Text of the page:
Each of us needs to take charge of our own health when it comes to using food not just for nutrition, but for it’s therapeutic and healing properties too. The problem lies with commercial farming that’s designed to produce bigger and more attractive looking fruit and vegetables that hide the often dangerous chemicals they’ve been treated with during the process.

Eating organically and supporting organic farming is the best way to combat the dangers that exist in our food supply. The more organically grown food you can consume as a proportion of your overall diet, the healthier you stand to become. And when it comes to organic produce, nothing beats homegrown.

How To Grow Avocado From A Pit/Seed At Home

Since you’re solely responsible for the growth and development of your avocado tree, you control what goes into the product at every point. There’s no comparison, in my view, between organically grown produce and the run-of-the-mill, commercially produced variety. You can taste it in every bite.  So it’s well worth learning to grow whatever fruits and vegetables you can – including the mighty avocado.

To get started growing your own avocado tree, begin with a realistic projection.

Above all else, you’ve got to be patient as avocado trees take years to mature to the point where they produce delicious fruit. It’s important to know this from the outset so you don’t get overly anxious waiting for your tree to develop.

It can certainly bloom and grow under your direction, given the right environmental conditions and attention. But no matter how much loving care and nurturing you provide it still takes time. When you’re willing to accept this harsh reality, then and only then is it time to begin planting an avocado tree.

As for environments, Southern California weather is best. Avocado trees prefer hot weather and lots of sunshine. It’s also helpful if you can protect them from the wind as they are growing.

All that you need to begin growing an avocado tree is one seed or pit. This means you have to get started with an avocado that you buy from the store. If you can find organic avocados – by all means – use them. If not, you’ll have to start with a regular seed/pit. Start by rinsing the pit and locating a small glass container and 3-4 toothpicks for each seed you want to plant.

Fill the glass jar three-quarters full with fresh, filtered water. Do not use tap water as it contains elements like chlorine that can be harmful to the developing seed. Now, stick one end of each toothpick into the seed and then use the part that sticks out to suspend the seed over your water-filled container.

You want the water to cover most of the seed. The idea of the toothpicks is to keep the seed in the water so it can flourish. Once you’re all set up, place your container in a warm place – away from direct sunlight and refill with water as needed.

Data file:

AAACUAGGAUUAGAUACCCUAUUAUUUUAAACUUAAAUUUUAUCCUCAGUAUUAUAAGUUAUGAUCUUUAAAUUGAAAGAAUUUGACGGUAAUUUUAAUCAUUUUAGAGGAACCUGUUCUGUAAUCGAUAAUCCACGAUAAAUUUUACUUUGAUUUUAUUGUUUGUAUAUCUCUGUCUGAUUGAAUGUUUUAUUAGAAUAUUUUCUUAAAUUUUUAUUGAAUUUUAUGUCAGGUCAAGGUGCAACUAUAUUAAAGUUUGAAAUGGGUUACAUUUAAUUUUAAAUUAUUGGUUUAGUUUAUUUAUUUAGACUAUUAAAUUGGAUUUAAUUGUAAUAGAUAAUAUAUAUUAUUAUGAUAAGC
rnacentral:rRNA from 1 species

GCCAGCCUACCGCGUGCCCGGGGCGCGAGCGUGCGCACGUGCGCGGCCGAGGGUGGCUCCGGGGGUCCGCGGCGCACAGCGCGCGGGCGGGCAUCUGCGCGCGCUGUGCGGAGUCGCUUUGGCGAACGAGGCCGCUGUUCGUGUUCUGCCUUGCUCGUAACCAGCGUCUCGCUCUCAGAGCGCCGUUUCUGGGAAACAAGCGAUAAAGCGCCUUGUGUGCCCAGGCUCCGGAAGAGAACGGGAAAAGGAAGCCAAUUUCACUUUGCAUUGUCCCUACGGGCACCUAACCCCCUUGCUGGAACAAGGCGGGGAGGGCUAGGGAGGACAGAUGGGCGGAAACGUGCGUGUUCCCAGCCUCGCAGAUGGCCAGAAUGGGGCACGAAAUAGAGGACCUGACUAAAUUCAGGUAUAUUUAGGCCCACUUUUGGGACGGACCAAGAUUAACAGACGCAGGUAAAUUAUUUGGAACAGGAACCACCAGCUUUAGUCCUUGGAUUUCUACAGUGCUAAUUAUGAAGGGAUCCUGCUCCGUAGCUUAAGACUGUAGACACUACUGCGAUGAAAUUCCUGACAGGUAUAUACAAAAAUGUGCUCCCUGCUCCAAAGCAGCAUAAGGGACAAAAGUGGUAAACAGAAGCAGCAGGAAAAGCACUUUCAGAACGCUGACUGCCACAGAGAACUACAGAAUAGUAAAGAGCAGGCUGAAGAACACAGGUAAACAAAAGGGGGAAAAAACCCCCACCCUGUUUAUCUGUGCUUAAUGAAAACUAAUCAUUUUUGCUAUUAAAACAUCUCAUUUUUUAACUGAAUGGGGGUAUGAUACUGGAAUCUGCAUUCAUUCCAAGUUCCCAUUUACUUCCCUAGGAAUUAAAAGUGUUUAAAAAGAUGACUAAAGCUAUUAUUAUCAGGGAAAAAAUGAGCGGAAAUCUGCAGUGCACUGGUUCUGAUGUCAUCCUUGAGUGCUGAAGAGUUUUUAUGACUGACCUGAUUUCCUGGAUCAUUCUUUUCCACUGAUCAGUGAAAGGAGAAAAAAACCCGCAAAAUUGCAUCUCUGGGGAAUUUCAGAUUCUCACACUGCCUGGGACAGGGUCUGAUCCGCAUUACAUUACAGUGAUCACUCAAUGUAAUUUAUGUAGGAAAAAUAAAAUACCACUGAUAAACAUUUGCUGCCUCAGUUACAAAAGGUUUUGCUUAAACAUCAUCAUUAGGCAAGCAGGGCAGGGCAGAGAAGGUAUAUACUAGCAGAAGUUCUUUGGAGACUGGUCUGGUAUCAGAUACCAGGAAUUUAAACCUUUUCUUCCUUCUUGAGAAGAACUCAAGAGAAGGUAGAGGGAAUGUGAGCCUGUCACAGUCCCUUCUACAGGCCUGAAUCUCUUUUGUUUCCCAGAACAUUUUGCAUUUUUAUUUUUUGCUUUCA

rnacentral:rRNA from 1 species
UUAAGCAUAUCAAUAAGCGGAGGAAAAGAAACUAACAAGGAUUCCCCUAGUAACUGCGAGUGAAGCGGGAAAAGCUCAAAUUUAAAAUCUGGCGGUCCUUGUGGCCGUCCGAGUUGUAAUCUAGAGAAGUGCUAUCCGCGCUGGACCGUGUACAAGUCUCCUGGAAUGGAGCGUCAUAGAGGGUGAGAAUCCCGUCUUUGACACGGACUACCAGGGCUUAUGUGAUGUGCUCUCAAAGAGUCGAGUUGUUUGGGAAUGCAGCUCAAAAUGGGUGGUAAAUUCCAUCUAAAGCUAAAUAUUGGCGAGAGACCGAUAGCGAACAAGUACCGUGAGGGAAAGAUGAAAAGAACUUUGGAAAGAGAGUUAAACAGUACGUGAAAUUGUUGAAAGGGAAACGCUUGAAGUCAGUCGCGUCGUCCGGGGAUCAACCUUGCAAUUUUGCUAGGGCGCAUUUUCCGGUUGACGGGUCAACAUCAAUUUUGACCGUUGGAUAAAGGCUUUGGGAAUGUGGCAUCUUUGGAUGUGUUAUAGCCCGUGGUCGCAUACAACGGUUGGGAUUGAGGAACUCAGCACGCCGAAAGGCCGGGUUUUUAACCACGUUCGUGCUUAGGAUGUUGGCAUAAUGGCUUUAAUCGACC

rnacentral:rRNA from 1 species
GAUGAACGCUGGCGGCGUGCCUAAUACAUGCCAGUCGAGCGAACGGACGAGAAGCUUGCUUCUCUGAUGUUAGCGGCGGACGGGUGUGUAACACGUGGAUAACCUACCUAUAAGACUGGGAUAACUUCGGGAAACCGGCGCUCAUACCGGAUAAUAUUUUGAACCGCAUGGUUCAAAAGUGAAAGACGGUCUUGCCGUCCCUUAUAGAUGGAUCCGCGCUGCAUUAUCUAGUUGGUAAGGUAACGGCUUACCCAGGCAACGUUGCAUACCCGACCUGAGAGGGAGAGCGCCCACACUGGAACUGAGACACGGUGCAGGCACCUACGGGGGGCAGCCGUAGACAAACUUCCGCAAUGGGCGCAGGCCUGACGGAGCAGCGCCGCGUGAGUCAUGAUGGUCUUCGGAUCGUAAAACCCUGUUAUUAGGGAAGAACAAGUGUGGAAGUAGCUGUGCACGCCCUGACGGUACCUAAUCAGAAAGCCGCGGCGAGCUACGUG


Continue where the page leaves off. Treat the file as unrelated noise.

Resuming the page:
To increase your odds of success, I recommend trying to grow a few different avocado trees at once. In anywhere from 2 to 6 weeks, you should begin to see the roots and stem forming.

If after eight weeks there’s still no clear indication of roots or stem, it’s time to start over. Begin with a fresh seed and follow the steps again.

As the stem begins to grow, you’ll want to pay particular attention. When it grows to a length of about six or 7 inches, that’s when it’s time to cut it back to about half that size. When the roots emerge and the stem has leaves on it again, it’s time to plant your tree in rich soil – in a 10 or 12-inch diameter clay pot.

It’s important to use rich humus soil and only plant the seed about halfway into the soil. In other words, you want the avocado pit to be half exposed on top. Avocado roots are particularly shallow, so that’s all that’s needed for your seedling to grow.

Be sure to water it frequently, without overdoing it. You want moist soil – not saturated soil. And you want to give it plenty of sunlight – the more the better.

If the plant turns a yellowish color, be careful because you may be overwatering. In this case, it’s best to let it dry out for a few days. If the leaves begin to turn brown, it may be that there is too much salt accumulated in the soil.

When the stem grows to a height of about 12 inches it’s time to cut them back again to half the size – about 6 inches – to encourage the growth of new shoots. Ultimately this will lead to a healthier hardier avocado tree.

Stick with it and with any luck, you will get to enjoy the unmistakeable taste of your own, homegrown avocados.